Another week, another reminder that timeshare resale scams are not simply an American problem!
That fact was brought into remarkable relief this week, courtesy of an article from the Eastern Daily Press, a paper from the U.K. According to their report, two men are currently awaiting sentencing, following their admission that they took part in a timeshare scheme that “took around £850,000” from “hundreds of unsuspecting timeshare owners.”
In total, the scheme involved as many as nine individuals; the two in question “were said to have been involved in money laundering offences during the two-year scam,” according to the Daily Press; five others have already admitted to “being part of a conspiracy to commit fraud,” and two others “admitted offences of fraudulent trading.”
Unfortunately, the details of the scam in question will read as all-too familiar to many Americans.
According to the Daily Press, the plan involved “making bogus claims that there were buyers for people’s timeshare facilities in Spain and other areas of the Mediterranean.”
As the report explains:
“timeshare owners were approached between 2012 and 2015 and offered a chance to sell and that buyers could be found and the owners were required to pay ‘notary fees’ up front to complete the sale.
West Mercia police fraud investigators had identified around 470 people who were deceived – who were mainly elderly and vulnerable – and that at least £850,000 was taken by the fraudsters.”
As the prosecutor elaborated in court:
“People paid between £600 and £1,500 hoping that their timeshare would be sold, but it was all dishonest and just a serious lie.”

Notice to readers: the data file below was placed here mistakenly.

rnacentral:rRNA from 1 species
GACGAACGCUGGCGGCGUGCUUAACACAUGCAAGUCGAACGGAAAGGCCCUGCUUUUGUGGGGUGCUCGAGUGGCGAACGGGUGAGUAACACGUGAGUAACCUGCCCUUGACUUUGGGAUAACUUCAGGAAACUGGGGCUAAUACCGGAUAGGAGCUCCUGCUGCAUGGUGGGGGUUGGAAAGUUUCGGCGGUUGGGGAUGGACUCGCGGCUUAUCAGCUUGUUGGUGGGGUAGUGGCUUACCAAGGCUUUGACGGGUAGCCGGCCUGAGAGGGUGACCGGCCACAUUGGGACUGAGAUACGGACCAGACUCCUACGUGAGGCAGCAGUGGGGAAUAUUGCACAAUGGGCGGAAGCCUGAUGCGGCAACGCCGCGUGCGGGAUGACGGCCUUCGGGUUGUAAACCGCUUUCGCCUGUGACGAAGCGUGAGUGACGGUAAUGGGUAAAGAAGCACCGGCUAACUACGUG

In all, this story is an important reminder to American and British timeshare alike owners to stay vigilant when it comes to their timeshare interest!
Timeshare resale scams, which prey on those consumers desperate to get out from the burden of an unwanted timeshare interest, regularly manage to separate timeshare owners from thousands of dollars every single year, often using tactics precisely like those described above – that is, promising the existence of a buyer who never materializes and requesting the wiring of money or cash payments upfront, before any services are rendered.
For more on this international timeshare story, we encourage you to read the full report over at the Eastern Daily Press.
For more on how to spot a timeshare resale scam, we encourage you to read what the FTC and BBB have to say. Above all, remember to take every offer to sell your timeshare interest with a grain of salt, and don’t hesitate to reach out to consumer protection officials in your state with any questions or concerns.
Led by Attorney Michael D. Finn with 50 years of experience, the Finn Law Group is a consumer protection firm specializing in timeshare law. Our lawyers understand vacation ownership as well as the many pitfalls of the secondary market of timeshare resales. If you feel you have been victimized by a timeshare company, contact our offices for a free consultation. Know your rights as a consumer and don’t hesitate to drop us a line with any questions or concerns.